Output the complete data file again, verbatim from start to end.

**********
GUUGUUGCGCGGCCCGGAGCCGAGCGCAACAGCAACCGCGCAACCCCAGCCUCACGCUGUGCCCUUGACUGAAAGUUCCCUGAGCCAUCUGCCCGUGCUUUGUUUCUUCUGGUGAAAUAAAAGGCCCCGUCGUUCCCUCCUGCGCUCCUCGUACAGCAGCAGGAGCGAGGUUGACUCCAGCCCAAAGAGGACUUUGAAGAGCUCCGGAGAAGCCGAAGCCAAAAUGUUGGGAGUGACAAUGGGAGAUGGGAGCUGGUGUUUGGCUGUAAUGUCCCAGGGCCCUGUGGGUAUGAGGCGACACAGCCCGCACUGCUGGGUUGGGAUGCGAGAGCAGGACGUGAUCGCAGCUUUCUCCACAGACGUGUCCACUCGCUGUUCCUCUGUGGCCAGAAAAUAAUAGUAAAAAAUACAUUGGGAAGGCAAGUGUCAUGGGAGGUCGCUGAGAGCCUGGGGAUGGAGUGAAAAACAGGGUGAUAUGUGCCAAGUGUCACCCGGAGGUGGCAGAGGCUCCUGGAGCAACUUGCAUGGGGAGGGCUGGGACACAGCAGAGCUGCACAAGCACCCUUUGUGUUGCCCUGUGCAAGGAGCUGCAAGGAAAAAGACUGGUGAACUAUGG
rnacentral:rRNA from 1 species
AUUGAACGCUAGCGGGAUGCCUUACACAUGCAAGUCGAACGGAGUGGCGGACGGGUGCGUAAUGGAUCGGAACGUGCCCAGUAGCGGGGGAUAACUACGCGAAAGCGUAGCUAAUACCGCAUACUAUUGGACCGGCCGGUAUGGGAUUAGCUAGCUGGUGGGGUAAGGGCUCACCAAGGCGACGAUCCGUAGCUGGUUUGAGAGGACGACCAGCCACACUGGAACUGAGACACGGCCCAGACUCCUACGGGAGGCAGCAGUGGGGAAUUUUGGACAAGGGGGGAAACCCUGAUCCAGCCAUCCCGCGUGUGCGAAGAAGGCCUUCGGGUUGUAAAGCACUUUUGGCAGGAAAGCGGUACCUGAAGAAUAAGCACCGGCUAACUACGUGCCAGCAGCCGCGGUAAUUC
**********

GUUGUUGCGCGGCCCGGAGCCGAGCGCAACAGCAACCGCGCAACCCCAGCCUCACGCUGUGCCCUUGACUGAAAGUUCCCUGAGCCAUCUGCCCGUGCUUUGUUUCUUCUGGUGAAAUAAAAGGCCCCGUCGUUCCCUCCUGCGCUCCUCGUACAGCAGCAGGAGCGAGGUUGACUCCAGCCCAAAGAGGACUUUGAAGAGCUCCGGAGAAGCCGAAGCCAAAAUGUUGGGAGUGACAAUGGGAGAUGGGAGCUGGUGUUUGGCUGUAAUGUCCCAGGGCCCUGUGGGUAUGAGGCGACACAGCCCGCACUGCUGGGUUGGGAUGCGAGAGCAGGACGUGAUCGCAGCUUUCUCCACAGACGUGUCCACUCGCUGUUCCUCUGUGGCCAGAAAAUAAUAGUAAAAAAUACAUUGGGAAGGCAAGUGUCAUGGGAGGUCGCUGAGAGCCUGGGGAUGGAGUGAAAAACAGGGUGAUAUGUGCCAAGUGUCACCCGGAGGUGGCAGAGGCUCCUGGAGCAACUUGCAUGGGGAGGGCUGGGACACAGCAGAGCUGCACAAGCACCCUUUGUGUUGCCCUGUGCAAGGAGCUGCAAGGAAAAAGACUGGUGAACUAUGG
rnacentral:rRNA from 1 species
AUUGAACGCUAGCGGGAUGCCUUACACAUGCAAGUCGAACGGAGUGGCGGACGGGUGCGUAAUGGAUCGGAACGUGCCCAGUAGCGGGGGAUAACUACGCGAAAGCGUAGCUAAUACCGCAUACUAUUGGACCGGCCGGUAUGGGAUUAGCUAGCUGGUGGGGUAAGGGCUCACCAAGGCGACGAUCCGUAGCUGGUUUGAGAGGACGACCAGCCACACUGGAACUGAGACACGGCCCAGACUCCUACGGGAGGCAGCAGUGGGGAAUUUUGGACAAGGGGGGAAACCCUGAUCCAGCCAUCCCGCGUGUGCGAAGAAGGCCUUCGGGUUGUAAAGCACUUUUGGCAGGAAAGCGGUACCUGAAGAAUAAGCACCGGCUAACUACGUGCCAGCAGCCGCGGUAAUUC